Afternoon Networking and Refreshments served in the Exhibition Area

15:05 (BST)

Mitigate cyber risk and accelerate security insights

All data is security-relevant and defending against threats involves every department in a company. With cyber threats and bad actors constantly evolving, it is imperative for everyone in an organization to come together to identify and protect critical data.

Deciding where to start when it comes to business risk is a daunting task. This is where a risk mitigation plan comes into play.

We address:

  • How to prioritize risks with the least amount of impact on an organization
  • The real-world cost and impact of a breach
  • How the right platform can help your organization develop a risk mitigation plan

15:35 (BST)

Afternoon Networking and Refreshments served in the Exhibition Area

16:05 (BST)

Responding to cyber security crises: the human factors

Most IR plans are technology-centric and address issues like malware detection, data theft, and service outages. However, any significant cyber-attack can affect an organization across functions in multiple ways, so the plan should also encompass areas such as HR, finance, customer service, employee communications, legal, insurance, public relations, regulators, suppliers, partners, local authorities, and other outside entities.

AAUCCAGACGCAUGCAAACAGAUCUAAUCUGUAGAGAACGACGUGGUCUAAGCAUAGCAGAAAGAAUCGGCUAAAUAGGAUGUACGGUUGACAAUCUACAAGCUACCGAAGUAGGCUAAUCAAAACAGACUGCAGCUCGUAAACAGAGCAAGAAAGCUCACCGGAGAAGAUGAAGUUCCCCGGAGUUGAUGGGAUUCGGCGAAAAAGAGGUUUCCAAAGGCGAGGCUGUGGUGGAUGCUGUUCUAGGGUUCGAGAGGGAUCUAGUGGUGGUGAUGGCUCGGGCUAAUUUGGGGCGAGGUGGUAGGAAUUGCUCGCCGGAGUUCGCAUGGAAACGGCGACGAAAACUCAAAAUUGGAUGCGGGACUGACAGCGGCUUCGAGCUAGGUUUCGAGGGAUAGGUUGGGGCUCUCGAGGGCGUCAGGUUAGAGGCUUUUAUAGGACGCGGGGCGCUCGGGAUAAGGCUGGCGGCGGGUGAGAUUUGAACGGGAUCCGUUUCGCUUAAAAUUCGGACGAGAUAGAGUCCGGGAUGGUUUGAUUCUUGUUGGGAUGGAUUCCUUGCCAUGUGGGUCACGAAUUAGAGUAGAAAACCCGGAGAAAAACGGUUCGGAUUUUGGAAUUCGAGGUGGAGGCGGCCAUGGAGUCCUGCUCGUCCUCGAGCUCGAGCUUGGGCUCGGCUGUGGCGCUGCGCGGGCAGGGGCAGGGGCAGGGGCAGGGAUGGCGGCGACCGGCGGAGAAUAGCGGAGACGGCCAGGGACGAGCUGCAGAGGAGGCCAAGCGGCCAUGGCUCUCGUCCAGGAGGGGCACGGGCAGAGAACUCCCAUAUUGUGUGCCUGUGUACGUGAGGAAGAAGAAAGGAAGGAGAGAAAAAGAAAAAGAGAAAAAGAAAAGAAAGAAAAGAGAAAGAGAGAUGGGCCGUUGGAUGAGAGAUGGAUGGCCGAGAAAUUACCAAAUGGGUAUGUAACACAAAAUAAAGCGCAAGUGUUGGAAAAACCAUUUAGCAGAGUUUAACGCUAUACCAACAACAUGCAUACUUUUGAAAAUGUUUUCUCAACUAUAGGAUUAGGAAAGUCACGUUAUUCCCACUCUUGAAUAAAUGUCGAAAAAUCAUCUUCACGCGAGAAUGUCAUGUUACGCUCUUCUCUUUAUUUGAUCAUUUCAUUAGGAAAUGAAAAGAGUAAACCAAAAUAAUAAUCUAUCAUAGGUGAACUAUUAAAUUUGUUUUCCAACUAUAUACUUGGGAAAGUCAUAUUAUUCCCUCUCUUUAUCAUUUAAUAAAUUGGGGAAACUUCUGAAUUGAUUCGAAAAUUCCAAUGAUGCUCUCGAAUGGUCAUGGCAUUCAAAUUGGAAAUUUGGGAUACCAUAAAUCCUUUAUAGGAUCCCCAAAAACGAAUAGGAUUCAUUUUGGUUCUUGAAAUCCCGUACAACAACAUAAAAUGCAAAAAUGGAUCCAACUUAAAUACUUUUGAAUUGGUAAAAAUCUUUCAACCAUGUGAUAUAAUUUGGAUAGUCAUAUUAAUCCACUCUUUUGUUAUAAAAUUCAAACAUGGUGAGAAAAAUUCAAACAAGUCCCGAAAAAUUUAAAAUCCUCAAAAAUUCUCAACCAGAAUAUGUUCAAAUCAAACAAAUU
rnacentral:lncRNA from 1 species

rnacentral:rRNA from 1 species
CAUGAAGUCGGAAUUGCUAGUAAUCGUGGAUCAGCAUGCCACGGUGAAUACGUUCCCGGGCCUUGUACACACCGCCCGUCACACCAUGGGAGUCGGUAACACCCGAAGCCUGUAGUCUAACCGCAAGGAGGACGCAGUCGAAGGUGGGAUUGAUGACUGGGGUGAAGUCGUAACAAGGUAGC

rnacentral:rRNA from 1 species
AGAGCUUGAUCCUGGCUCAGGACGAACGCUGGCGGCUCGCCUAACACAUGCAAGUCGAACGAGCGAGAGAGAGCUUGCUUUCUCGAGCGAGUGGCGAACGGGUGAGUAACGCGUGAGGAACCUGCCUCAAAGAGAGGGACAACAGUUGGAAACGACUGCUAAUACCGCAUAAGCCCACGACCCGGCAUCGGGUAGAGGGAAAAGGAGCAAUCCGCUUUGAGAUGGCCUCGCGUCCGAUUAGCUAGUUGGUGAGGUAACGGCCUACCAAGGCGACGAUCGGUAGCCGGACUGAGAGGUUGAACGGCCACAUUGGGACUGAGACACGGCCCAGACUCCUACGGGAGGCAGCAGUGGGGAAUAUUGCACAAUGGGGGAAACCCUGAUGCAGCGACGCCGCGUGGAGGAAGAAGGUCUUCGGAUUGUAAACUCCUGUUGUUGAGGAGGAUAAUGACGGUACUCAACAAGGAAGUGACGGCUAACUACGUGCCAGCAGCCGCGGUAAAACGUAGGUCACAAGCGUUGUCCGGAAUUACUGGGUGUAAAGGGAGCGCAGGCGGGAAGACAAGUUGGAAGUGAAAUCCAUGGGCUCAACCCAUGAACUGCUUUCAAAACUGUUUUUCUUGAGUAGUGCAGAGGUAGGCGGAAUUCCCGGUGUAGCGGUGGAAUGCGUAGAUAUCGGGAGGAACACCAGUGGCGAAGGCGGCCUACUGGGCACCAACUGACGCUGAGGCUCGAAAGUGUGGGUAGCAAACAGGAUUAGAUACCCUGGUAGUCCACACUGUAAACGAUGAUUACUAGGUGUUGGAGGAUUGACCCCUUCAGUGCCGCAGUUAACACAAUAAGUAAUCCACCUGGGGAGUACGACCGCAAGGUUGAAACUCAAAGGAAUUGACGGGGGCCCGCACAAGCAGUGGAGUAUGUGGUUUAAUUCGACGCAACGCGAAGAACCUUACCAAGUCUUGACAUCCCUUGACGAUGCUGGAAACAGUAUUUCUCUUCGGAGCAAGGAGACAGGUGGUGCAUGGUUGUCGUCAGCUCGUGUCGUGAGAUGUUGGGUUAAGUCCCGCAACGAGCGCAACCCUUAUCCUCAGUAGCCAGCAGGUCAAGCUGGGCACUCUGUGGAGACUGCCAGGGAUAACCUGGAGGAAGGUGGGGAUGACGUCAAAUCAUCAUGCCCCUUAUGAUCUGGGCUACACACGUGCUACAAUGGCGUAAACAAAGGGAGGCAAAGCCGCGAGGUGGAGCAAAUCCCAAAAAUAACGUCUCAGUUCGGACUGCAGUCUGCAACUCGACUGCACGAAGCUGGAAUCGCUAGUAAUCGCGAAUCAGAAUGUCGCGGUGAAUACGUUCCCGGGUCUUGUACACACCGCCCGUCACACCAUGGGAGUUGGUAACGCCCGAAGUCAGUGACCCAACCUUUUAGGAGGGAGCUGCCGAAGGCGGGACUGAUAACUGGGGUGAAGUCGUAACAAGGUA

We address, how to establish a holistic, comprehensive IR plan which you can execute with confidence as well as revisit and amend in line with organisational, adversarial, and technological changes.

16:20 (BST)

CTI: Challenging the Implementation of Cyber Threat Intelligence programs at any organization

In this presentation, we will discuss trial/error, what works and what hasn’t when it comes to developing and driving a successful Cyber Threat Intelligence program.

Areas to cover:

  • You have no CTI program, where do you even begin?
  • Do you really need all of those paid vendor intelligence tools?
  • How do you scope intelligence collection and communication? Establishing Priority Intelligence Requirements
  • CTI for Incident Response, SecOps, Red Team, Third-Party Risk, and more

16:35 (BST)

Operationalising MITRE ATT&CK Framework

MITRE ATT&CK is a globally accessible knowledge base of adversary tactics and techniques based on real-world observations.

Many enterprises use the ATT&CK knowledge base as a foundation for the development of specific threat models for cyber adversary behaviour, reflecting on the various phases of an adversary’s attack lifecycle and the platforms they are known to target.

We address, how you can operationalise MITRE ATT&CK within your organisation.

Topics covered include:

  • MITRE ATT&CK Overview
  • Contextualising MITRE ATT&CK within the Enterprise
  • Demonstrating the Use of MITRE ATT&CK in action

16:50 (BST)

Questions to the Panel of Speakers

00:00 (BST)

Closing Remarks from the Conference Chair

17:05 (BST)

Conference Closes

Please note:
Whitehall Media reserve the right to change the programme without prior notice.